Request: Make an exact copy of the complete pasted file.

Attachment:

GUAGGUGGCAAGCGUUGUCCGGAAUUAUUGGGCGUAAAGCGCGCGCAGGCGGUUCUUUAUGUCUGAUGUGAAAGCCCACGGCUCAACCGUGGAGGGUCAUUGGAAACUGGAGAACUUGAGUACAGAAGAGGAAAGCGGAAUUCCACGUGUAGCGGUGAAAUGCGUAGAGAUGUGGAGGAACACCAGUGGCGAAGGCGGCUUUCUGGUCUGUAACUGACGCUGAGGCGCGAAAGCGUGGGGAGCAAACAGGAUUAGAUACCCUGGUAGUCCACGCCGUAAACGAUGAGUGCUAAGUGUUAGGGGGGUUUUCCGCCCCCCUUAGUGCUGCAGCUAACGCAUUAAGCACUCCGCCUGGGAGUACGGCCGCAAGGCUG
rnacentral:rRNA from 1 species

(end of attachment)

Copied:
GUAGGUGGCAAGCGUUGUCCGGAAUUAUUGGGCGUAAAGCGCGCGCAGGCGGUUCUUUAUGUCUGAUGUGAAAGCCCACGGCUCAACCGUGGAGGGUCAUUGGAAACUGGAGAACUUGAGUACAGAAGAGGAAAGCGGAAUUCCACGUGUAGCGGUGAAAUGCGUAGAGAUGUGGAGGAACACCAGUGGCGAAGGCGGCUUUCUGGUCUGUAACUGACGCUGAGGCGCGAAAGCGUGGGGAGCAAACAGGAUUAGAUACCCUGGUAGUCCACGCCGUAAACGAUGAGUGCUAAGUGUUAGGGGGGUUUUCCGCCCCCCUUAGUGCUGCAGCUAACGCAUUAAGCACUCCGCCUGGGAGUACGGCCGCAAGGCUG
rnacentral:rRNA from 1 species